Understanding The IPO Process in India
Understanding The IPO Process in India
About Initial Public Offerings
When a private firm wishes to go public, it sells shares through an IPO. It is a company’s first public stock offering to the public, institutional investors, and high-net-worth persons. An public offer market is crucial where companies seek long-term finance. It differs from the secondary market, where shares are traded among investors, and corporations can meet their short-term capital requirements.
In essence, an IPO is when a private company goes public and is listed on a stock exchange. The management of such companies is confident in their business strategy and expects the offer to attract retail and other strategic investors. They are made to face the regulator’s scrutiny.
Before we get into how an IPO works, we must understand what qualifies a firm for an public offer. A firm must have a minimum paid-up capital of Rs 10 crore to be listed on the National Stock Exchange or the Bombay Stock Exchange. Furthermore, the market capitalisation after the offer should not be less than Rs 25 crore.
How an Initial Public Offering (IPO) Works?
Before a company goes public, it is considered private. As a pre-IPO private company, the firm has grown to a few stockholders, including early investors like the founders, family, and friends and professional investors like capitalists and angel investors.
An IPO is an important milestone for a company since it can raise large capital. This boosts the firm’s ability to expand and grow. The company’s increased transparency may help it get better terms when borrowing money.
When a company think it is mature enough to handle the rigours of SEC regulations and the advantages and obligations that come with being a public company, it will begin to publicise its desire to go public.
This growth stage occurs when a firm has reached a private valuation of $1 billion or more, sometimes called unicorn status. However, depending on market competition and their ability to meet listing rules, private companies with strong fundamentals and proven profitability potential may be eligible for an IPO.
The price of a company’s IPO shares is determined through underwriting due diligence. Private share ownership becomes a public right when a company goes public, and existing private shareholders’ shares are valued at the public market price. Share underwriting might incorporate special procedures for private to public share ownership.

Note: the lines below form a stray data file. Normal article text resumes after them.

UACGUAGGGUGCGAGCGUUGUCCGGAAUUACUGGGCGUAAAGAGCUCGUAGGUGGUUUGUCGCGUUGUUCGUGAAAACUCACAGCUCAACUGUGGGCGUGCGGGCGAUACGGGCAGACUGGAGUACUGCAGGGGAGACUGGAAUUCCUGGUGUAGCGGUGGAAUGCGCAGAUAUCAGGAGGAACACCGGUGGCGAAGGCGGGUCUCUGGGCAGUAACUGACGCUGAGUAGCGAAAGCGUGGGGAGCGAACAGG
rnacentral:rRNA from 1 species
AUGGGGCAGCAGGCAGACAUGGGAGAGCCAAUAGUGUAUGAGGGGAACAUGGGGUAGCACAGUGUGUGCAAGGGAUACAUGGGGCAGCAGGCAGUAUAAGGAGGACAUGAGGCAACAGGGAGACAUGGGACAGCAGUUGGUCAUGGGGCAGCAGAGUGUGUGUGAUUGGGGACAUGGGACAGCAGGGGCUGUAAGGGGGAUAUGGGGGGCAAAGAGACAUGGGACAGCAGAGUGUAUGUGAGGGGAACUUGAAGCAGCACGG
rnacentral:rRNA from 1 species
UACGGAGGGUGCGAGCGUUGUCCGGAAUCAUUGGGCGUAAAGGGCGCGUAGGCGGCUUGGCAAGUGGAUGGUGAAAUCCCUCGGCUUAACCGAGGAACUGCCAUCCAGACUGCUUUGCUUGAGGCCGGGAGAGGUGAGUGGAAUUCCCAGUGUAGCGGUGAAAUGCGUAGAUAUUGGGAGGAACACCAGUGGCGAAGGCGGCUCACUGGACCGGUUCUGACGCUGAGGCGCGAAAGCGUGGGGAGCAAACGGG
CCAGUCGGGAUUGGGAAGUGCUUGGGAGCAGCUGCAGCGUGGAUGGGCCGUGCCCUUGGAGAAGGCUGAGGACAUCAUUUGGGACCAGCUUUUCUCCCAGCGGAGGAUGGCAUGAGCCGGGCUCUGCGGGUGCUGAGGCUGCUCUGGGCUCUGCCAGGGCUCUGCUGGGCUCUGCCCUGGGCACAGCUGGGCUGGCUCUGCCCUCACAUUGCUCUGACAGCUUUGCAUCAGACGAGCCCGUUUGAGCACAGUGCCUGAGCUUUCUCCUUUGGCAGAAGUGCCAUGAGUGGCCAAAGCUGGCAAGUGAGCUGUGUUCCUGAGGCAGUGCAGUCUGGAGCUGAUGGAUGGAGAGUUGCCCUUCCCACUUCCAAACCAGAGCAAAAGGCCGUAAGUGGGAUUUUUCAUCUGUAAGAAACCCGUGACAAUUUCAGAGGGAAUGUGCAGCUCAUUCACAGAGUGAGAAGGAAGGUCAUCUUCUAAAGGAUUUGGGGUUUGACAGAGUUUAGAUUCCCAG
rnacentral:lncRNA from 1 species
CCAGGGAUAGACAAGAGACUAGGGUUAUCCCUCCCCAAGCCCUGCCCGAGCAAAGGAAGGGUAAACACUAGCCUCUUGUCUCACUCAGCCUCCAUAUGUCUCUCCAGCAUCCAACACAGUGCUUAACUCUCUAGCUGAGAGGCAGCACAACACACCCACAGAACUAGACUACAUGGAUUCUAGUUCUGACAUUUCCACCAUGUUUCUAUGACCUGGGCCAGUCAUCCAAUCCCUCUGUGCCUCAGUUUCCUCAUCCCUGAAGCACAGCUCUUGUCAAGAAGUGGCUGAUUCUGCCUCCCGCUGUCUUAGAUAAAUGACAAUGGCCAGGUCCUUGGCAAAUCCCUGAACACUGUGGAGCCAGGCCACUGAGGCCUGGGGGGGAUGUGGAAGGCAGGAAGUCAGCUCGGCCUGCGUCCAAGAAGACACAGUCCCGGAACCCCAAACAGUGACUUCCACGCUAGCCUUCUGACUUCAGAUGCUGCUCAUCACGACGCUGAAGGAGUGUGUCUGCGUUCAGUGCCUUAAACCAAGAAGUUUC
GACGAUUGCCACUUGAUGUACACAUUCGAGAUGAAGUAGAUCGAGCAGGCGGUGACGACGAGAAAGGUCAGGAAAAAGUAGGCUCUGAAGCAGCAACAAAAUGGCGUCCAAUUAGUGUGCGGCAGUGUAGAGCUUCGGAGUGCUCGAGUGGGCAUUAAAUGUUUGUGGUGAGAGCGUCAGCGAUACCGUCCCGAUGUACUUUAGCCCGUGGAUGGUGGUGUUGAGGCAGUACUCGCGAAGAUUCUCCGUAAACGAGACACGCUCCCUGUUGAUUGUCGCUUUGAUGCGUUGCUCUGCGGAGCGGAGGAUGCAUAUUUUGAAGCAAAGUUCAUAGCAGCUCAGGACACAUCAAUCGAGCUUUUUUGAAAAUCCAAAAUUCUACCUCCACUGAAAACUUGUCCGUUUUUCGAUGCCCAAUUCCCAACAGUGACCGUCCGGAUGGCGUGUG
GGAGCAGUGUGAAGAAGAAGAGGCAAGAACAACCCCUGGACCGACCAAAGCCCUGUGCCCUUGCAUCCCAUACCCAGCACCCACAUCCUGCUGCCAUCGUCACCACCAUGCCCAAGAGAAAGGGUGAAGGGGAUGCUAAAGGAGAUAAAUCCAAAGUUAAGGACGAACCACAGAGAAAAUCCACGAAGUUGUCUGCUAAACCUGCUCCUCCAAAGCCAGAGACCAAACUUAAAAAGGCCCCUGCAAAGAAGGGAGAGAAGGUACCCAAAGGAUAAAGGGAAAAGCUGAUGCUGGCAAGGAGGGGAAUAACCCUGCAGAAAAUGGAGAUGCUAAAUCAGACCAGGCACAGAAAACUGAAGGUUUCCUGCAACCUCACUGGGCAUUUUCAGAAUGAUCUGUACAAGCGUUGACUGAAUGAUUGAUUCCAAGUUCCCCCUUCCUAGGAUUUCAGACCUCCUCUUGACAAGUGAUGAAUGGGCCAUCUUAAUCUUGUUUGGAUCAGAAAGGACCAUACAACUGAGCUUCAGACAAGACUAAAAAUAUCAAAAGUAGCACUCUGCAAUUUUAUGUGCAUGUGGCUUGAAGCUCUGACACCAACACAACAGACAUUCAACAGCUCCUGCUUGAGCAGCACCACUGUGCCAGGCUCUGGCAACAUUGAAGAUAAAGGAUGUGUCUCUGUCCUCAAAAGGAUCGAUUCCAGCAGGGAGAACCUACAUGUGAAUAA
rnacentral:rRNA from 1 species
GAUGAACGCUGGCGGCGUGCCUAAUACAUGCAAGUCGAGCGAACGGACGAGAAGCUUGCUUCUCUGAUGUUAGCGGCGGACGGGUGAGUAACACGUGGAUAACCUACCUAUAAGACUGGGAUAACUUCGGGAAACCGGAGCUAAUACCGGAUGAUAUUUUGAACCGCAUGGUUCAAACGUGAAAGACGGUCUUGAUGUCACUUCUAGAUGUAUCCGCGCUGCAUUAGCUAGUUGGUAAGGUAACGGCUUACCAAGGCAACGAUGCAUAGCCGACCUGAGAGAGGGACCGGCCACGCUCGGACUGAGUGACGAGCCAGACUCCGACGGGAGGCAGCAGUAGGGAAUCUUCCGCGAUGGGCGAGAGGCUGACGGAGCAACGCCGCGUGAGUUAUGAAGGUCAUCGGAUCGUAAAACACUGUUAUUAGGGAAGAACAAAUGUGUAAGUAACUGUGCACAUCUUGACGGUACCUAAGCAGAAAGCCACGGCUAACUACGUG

The transition from private to public is important for private investors to cash in and receive the expected returns. In the public market, private shareholders can either hang on to their shares or sell a part or all of them for profit.
However, the public market allows millions of investors to buy stock in a company and contribute money to the company’s shareholders’ equity. Any person or institutional investor interested in investing in the company is considered a public member.
On Wall Street and among investors, the term “initial public offering” has been a buzzword for decades. The Dutch are credited with creating the first modern IPO by selling shares in the Dutch East India Company to the general public.
Since then, corporations have utilised IPOs to raise capital from the general public by offering public shares.
Over the years, IPOs have been noted for uptrends and downtrends in issuance. Due to innovation and other economic concerns, specific industries suffer ups and downs in distribution. The financial crisis of 2008 resulted in the lowest number of IPOs in history. Following the 2008 financial crisis, initial public offerings (IPOs) came to a halt, and fresh listings were limited for several years.
So-called unicorns—startups with private valuations of more than $1 billion—have gotten a lot of attention in the recent IPO buzz. Investors and the media speculate a lot about these companies and whether they will go public through an initial public offering (IPO) or remain private.
The company’s shares are available for subscription for three days. The firm begins trading on the exchange on its listing at a stated price, determined by market demand for the issue.
Advantages to Going Public with an IPO
Companies will raise large sums of money through an IPO and subsequent investment rounds to fund standard business operations, expansion opportunities, R&D, marketing, and capital expenditures.
Gaining Higher Share Valuation
Privately held shares have less liquidity than those traded on a public exchange like the New York Stock Exchange (NYSE) or Nasdaq. The stock price has increased, and the company’s market capitalisation has increased.
Funding for Mergers and Acquisitions Transactions
With a higher valuation, the company’s stock can be used to complete corporate mergers and acquisitions agreements for less money or with fewer shares swapped. An IPO or future stock offerings could be used to fund mergers and acquisitions. Successful mergers and acquisitions result in synergy and higher sales and earnings for the company.
Reducing Corporate Debt
To reduce interest expenditures and enhance cash flow and their debt to equity ratio, public companies may retire debt through their IPO or future share offers.
Maintaining Corporate Identity and Increasing Public Awareness
When a firm chooses an IPO over a merger or acquisition as an exit plan, it preserves its name and status. The company’s continuous existence as a parent company, and its name recognition, maybe significant to its creator.